Record high pork prices are partly due to the impact of a virus that has killed millions of piglets, as well as the higher cost of pork imports from Europe. For this year through July, retail pork prices jumped almost 11 percent.

Meanwhile, the lowest U.S. cattle inventories in more than 60 years are expected to drive up wholesale beef prices by 10 to 11 percent this year, with much of that increase passed down to consumers.

"The ongoing drought in California has raised concern over rising produce prices. However, the California drought has not yet had a discernible impact on national prices," the USDA said.

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August 25th - Cattle Markets Move Past Summer Highs

About a year ago I wrote an article entitled “Cattle markets move past summer lows”.  The title of this article reflects how far we have come and serves as a reminder that the current cattle and beef market situation is the result of a market run that began over a year ago.  Feeder and fed cattle prices increased through the second half of 2013 and were joined by boxed beef values early in 2014 to push on to the unprecedented recent levels.  Fed cattle and wholesale beef markets have pulled back from summer highs; fed cattle ended last week at $152/cwt, down $12/cwt from daily highs three to four weeks ago and Choice boxed beef was at $249/cwt, down $14/cwt. from late July.  There are questions of whether markets went too far, too fast and are due for a significant correction or whether current market levels are the new reality of market fundamentals.  The answer to that has several components, some of which remain to be seen.

Tight supply is the main driver and supplies will continue to get tighter.  The latest monthly Cattle on Feed report shows that the feedlot inventory of 9.837 million head was down 1.9 percent from last year, and was the smallest August 1 feedlot inventory since 2009.  July placements were 1.56 million head, down 7.4 percent for one year ago and the lowest July placement total in the current cattle on feed data series back to 1996. July placements under 700 pounds were up 3.8 percent over last year while placements over 700 pounds were down 14.6 percent compared to one year ago. April through July feedlot placements were down 6.4 percent year over year and within that total, placements of cattle weighing less than 700 pounds were up 5.9 percent while placements weighing over 700 pounds were down 13.4 percent.  Fall feedlot supplies will remain tight as feedlots are feeding fewer heavy weight feeders at the current time.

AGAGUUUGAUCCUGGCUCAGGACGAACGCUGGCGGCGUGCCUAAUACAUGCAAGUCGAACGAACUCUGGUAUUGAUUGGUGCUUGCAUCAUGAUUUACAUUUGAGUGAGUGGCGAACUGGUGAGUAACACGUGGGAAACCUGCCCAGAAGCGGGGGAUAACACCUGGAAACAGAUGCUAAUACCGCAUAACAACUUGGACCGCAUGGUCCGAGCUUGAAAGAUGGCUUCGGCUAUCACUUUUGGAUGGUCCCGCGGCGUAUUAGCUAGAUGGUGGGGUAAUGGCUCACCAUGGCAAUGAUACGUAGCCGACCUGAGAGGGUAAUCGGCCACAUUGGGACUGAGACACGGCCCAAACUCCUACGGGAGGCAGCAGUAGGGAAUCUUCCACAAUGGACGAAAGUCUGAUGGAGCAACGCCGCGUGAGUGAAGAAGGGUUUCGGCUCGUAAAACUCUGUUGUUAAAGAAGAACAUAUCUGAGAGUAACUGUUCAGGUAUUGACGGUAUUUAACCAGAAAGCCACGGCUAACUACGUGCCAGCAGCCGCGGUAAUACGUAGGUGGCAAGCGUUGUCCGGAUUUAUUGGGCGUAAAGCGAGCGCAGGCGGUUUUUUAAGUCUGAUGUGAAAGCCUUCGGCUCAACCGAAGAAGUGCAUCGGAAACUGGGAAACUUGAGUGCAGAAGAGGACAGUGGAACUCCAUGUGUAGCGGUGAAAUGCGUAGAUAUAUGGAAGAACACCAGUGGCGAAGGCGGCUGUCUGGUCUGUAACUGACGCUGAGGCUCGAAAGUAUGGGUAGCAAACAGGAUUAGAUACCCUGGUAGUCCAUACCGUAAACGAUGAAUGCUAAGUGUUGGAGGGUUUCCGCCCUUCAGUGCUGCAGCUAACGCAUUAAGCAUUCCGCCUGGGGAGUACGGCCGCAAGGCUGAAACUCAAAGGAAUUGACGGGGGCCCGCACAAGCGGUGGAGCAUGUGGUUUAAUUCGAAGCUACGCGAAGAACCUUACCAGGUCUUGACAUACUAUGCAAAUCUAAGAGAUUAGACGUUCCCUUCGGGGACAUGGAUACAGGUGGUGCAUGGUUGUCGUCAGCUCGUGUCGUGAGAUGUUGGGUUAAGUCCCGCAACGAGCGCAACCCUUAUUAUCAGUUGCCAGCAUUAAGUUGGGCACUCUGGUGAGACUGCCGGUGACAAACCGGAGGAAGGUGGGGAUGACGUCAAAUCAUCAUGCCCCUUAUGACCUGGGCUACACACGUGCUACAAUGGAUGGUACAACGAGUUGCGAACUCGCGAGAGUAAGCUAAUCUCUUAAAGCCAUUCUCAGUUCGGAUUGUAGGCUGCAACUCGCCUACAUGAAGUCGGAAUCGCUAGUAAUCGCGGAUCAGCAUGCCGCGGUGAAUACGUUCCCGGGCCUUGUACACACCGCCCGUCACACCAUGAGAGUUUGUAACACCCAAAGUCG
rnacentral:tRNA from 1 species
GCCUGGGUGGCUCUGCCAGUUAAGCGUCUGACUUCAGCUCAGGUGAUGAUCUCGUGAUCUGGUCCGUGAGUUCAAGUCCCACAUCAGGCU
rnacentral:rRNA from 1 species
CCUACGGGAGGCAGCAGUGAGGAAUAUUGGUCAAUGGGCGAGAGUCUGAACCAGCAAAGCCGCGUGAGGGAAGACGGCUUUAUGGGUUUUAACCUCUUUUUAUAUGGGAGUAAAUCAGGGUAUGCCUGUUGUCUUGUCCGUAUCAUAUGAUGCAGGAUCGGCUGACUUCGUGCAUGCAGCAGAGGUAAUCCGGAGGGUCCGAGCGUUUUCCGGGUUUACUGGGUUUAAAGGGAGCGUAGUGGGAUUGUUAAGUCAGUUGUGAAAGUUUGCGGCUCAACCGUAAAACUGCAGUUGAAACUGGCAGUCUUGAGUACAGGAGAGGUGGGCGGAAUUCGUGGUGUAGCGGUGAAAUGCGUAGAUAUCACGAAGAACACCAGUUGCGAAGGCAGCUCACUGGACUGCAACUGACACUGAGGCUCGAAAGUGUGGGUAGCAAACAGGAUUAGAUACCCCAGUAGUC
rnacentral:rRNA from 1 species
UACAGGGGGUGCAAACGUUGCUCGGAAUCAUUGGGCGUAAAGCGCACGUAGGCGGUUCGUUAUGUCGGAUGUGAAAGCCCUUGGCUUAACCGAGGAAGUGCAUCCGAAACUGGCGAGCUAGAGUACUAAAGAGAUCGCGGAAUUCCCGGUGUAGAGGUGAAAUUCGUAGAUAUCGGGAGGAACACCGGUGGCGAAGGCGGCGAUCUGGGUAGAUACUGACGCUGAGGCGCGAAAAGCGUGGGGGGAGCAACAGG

Slaughter numbers this year confirm the impact of tight supplies.  Year to date steer slaughter is down 3.1 percent and heifer slaughter is down 8.5 percent leading to a 5.1 percent year to date decrease in yearling slaughter.  Since July 1, steers slaughter has been down 9 percent and heifer slaughter was down 16.3 percent, leading to an 11.6 percent year over year decrease in yearling slaughter over the period.  Combine that with a 14.4 percent decrease in cow slaughter so far this year (beef cow slaughter is down 17.3 percent year to date) and the fundamental reason behind record cattle and beef prices is apparent. The heifer and cow slaughter decreases are strong indications of initial herd rebuilding.

Derrell S. Peel -- Oklahoma State University

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August 23rd - Argentina Suspends Beef Exports for 15-days to Contain Domestic Prices

The Argentine government has decided to restrict beef exports for a 15-day period seeking to stem the rise of prices in the domestic market. The decision was confirmed by Cabinet Chief Jorge Capitanich and sparked criticism by business leaders in the sector with some voices saying the strategy will have “no positive effects.”

The Domestic Trade office run by Augusto Costa will reduce permits authorizations for beef shipments. Over the past two weeks, cattle prices have jumped 10-15%, an increase likely to reach consumers as well.

According to Capitanich, the government is conducting talks with the sector’s leaders “to set mechanisms that allow to agree on measures that allow to create conditions to control the flow of exports and the domestic market supply” in order to avoid an increase of prices.